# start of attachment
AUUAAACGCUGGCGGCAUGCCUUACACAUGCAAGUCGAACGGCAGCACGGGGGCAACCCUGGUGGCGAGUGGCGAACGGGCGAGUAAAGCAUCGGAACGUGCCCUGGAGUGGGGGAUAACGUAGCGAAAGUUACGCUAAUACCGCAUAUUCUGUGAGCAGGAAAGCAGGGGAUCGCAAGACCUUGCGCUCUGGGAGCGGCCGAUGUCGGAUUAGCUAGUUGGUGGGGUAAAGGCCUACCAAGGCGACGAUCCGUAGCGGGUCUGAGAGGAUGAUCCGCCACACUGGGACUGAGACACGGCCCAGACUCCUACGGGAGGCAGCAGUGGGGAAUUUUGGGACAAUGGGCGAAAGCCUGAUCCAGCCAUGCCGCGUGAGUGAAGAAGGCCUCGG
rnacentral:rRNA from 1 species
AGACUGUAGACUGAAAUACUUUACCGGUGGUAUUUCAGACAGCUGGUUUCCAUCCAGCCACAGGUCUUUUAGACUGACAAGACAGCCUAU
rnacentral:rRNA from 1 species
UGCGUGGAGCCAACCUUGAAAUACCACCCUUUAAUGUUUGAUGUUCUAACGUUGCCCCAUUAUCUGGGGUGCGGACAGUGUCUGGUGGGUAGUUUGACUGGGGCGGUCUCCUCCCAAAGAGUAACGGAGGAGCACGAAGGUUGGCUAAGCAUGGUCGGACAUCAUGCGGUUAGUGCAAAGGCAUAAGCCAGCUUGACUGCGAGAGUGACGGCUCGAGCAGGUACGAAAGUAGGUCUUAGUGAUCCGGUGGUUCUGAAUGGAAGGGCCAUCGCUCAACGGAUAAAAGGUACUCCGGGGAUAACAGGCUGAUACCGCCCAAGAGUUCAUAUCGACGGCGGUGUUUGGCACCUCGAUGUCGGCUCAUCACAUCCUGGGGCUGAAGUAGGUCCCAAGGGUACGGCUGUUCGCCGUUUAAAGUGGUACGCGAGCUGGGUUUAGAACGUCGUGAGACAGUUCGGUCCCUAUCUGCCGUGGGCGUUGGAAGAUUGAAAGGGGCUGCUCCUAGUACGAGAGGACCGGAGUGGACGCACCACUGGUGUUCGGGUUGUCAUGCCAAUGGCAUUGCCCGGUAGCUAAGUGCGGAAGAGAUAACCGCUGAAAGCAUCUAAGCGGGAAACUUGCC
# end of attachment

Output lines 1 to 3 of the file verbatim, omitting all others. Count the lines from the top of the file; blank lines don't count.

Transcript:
AUUAAACGCUGGCGGCAUGCCUUACACAUGCAAGUCGAACGGCAGCACGGGGGCAACCCUGGUGGCGAGUGGCGAACGGGCGAGUAAAGCAUCGGAACGUGCCCUGGAGUGGGGGAUAACGUAGCGAAAGUUACGCUAAUACCGCAUAUUCUGUGAGCAGGAAAGCAGGGGAUCGCAAGACCUUGCGCUCUGGGAGCGGCCGAUGUCGGAUUAGCUAGUUGGUGGGGUAAAGGCCUACCAAGGCGACGAUCCGUAGCGGGUCUGAGAGGAUGAUCCGCCACACUGGGACUGAGACACGGCCCAGACUCCUACGGGAGGCAGCAGUGGGGAAUUUUGGGACAAUGGGCGAAAGCCUGAUCCAGCCAUGCCGCGUGAGUGAAGAAGGCCUCGG
rnacentral:rRNA from 1 species
AGACUGUAGACUGAAAUACUUUACCGGUGGUAUUUCAGACAGCUGGUUUCCAUCCAGCCACAGGUCUUUUAGACUGACAAGACAGCCUAU